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I have a MS SQL Query that is pulling data via from a remote server. The data that I'm pulling down needs to be filtered by a date that is determined at run time.. When I run the query like this:

SELECT * FROM SERVER.Database.dbo.RemoteView
WHERE EntryDate > '1/1/2009'

then the filter is applied remotely... However, I don't actually want to use '1/1/2009' as the date - I want the date to be supplied by a user-defined function, like this:

SELECT * FROM SERVER.Database.dbo.RemoteView
WHERE EntryDate > dbo.MyCustomCLRDateFunction()

where the function is a custom CLR scalar-valued function that returns a date time... (You may ask why I need to do this... the details are a bit complicated, so just trust me - I have to do it this way.)

When I run this query, the remote query is NOT filtered remotely - the filtering is done after all of the data is pulled down (400,000 rows vs 100,000 rows) and it makes a significant difference.

Is there a way that I can force the query to do the filtering remotely?

Thanks!

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3 Answers 3

up vote 1 down vote accepted

Can't you just send a query like this, or does the clr function have to actually be called inside the select statement?

Declare @datetime datetime
Set @datetime = dbo.MyCustomCLRDateFunction()

SELECT * FROM SERVER.Database.dbo.RemoteView
WHERE EntryDate > @datetime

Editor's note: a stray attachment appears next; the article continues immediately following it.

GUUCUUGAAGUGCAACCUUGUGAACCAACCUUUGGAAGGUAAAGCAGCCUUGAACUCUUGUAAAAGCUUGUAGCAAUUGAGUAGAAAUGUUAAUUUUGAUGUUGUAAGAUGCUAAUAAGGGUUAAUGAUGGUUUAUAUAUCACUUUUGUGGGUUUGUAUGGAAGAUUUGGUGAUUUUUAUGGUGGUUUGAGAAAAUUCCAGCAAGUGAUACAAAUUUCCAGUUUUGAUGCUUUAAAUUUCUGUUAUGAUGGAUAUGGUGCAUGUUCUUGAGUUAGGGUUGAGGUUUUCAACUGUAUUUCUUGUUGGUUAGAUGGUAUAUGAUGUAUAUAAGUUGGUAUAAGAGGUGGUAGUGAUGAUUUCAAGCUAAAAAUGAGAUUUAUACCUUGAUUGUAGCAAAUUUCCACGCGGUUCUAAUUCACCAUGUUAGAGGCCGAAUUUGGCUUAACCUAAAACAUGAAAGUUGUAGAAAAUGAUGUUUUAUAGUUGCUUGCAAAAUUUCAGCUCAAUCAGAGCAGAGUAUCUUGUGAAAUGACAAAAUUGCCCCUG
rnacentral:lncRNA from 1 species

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You know what's funny? This same solution was suggested by another user, but I said I couldn't do it because the query is actually dynamically built by a WTF data layer that chooses the columns it wants to see, how to group the data, how to sort, etc... I didn't think I was going to be able to use this answer because it's all being executed as a constructed query. But in looking at it more, I think I just barely have enough flexibility in how it was built to get this solution to work. In testing, it certainly seems to work. –  Michael Bray Oct 13 '09 at 13:33
1  
OK so I've successfully implemented this in dev environment... As I thought, the WTF system had just enough flexibility that I was able to get this type of code inserted before the select. Lesson learned here is "don't immediately dismiss possible solutions without giving it some thought". Thanks! –  Michael Bray Oct 13 '09 at 15:42

You need to properly decorate your CLR function to mark it as Deterministic, Precise and Data Access/System Data Access as DataAccessKind.None.

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Hmm I thought marking it deterministic, but it isn't, really... in this case, it would return the same value MOST of the time, but certainly not ALL the time. I'm not sure what the others do... can you elaborate? –  Michael Bray Oct 12 '09 at 22:35
    
Where does dbo.MyCustomCLRDateFunction manufacture the returned date from? Do you lookup tables? Does the output depend on the current time? If you cannot mark the output as deterministic, there are little chances to trick the query execution to filter remotely. –  Remus Rusanu Oct 12 '09 at 22:53
    
Well I'm actually asking this single question, but the reality is that I have about 10 different functions that are used in different ways. Some depend on time, some don't, but not all of them are guaranteed to ALWAYS return the same value for a given set of arguments. Those that are, I will certainly mark them as such. Also, isn't DataAccessKind.None the default? –  Michael Bray Oct 13 '09 at 13:38

You could also construct a string and use an openquery ...

set @sqlString =
 ' select into myTable from openquery
    (remoteServer,
        "SELECT * FROM Database.dbo.RemoteView WHERE EntryDate > %DTSTART"
    )
 '

set @sqlString  = 
    replace(@sqlString, '%DTSTART', 
                        (select cast(dbo.MyCustomCLRDateFunction() as char(8)) 
           )

EXECUTE sp_executesql @stmt=@sqlString
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